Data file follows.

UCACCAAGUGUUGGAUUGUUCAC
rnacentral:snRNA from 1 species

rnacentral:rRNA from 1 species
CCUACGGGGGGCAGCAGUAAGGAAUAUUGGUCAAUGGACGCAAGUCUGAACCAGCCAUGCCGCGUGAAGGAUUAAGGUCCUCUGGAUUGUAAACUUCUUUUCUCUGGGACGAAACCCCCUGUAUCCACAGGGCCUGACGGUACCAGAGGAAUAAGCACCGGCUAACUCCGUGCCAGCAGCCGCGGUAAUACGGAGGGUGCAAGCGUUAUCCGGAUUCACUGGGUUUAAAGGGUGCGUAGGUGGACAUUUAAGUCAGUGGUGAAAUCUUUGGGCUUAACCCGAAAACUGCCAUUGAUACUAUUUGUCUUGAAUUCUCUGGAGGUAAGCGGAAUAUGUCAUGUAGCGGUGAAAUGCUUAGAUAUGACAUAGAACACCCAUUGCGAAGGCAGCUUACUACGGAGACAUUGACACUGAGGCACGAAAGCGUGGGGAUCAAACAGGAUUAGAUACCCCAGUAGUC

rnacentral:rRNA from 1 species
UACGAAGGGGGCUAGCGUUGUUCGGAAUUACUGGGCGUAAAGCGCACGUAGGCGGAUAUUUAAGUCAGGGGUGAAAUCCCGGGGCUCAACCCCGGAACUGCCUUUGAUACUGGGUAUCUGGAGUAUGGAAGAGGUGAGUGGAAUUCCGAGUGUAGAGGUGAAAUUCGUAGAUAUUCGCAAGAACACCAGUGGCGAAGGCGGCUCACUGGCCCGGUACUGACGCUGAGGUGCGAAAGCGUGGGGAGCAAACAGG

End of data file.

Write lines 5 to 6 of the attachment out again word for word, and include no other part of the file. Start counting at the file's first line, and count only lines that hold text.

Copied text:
rnacentral:rRNA from 1 species
UACGAAGGGGGCUAGCGUUGUUCGGAAUUACUGGGCGUAAAGCGCACGUAGGCGGAUAUUUAAGUCAGGGGUGAAAUCCCGGGGCUCAACCCCGGAACUGCCUUUGAUACUGGGUAUCUGGAGUAUGGAAGAGGUGAGUGGAAUUCCGAGUGUAGAGGUGAAAUUCGUAGAUAUUCGCAAGAACACCAGUGGCGAAGGCGGCUCACUGGCCCGGUACUGACGCUGAGGUGCGAAAGCGUGGGGAGCAAACAGG